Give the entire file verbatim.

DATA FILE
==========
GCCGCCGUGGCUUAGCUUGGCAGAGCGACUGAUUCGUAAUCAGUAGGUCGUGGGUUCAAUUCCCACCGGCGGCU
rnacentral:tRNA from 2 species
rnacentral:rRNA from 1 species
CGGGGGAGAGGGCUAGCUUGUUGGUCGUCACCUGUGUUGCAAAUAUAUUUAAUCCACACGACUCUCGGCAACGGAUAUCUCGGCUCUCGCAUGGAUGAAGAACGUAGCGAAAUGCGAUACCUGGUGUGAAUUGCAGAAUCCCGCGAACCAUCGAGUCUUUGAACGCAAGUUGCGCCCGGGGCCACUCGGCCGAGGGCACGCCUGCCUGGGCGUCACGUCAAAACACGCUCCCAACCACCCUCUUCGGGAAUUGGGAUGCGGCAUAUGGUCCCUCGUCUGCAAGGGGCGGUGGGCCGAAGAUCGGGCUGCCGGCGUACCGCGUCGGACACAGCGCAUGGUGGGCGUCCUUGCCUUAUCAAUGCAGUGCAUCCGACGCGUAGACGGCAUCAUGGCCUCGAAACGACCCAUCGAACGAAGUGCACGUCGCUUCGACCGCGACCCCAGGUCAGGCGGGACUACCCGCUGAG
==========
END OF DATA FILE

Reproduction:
GCCGCCGUGGCUUAGCUUGGCAGAGCGACUGAUUCGUAAUCAGUAGGUCGUGGGUUCAAUUCCCACCGGCGGCU
rnacentral:tRNA from 2 species
rnacentral:rRNA from 1 species
CGGGGGAGAGGGCUAGCUUGUUGGUCGUCACCUGUGUUGCAAAUAUAUUUAAUCCACACGACUCUCGGCAACGGAUAUCUCGGCUCUCGCAUGGAUGAAGAACGUAGCGAAAUGCGAUACCUGGUGUGAAUUGCAGAAUCCCGCGAACCAUCGAGUCUUUGAACGCAAGUUGCGCCCGGGGCCACUCGGCCGAGGGCACGCCUGCCUGGGCGUCACGUCAAAACACGCUCCCAACCACCCUCUUCGGGAAUUGGGAUGCGGCAUAUGGUCCCUCGUCUGCAAGGGGCGGUGGGCCGAAGAUCGGGCUGCCGGCGUACCGCGUCGGACACAGCGCAUGGUGGGCGUCCUUGCCUUAUCAAUGCAGUGCAUCCGACGCGUAGACGGCAUCAUGGCCUCGAAACGACCCAUCGAACGAAGUGCACGUCGCUUCGACCGCGACCCCAGGUCAGGCGGGACUACCCGCUGAG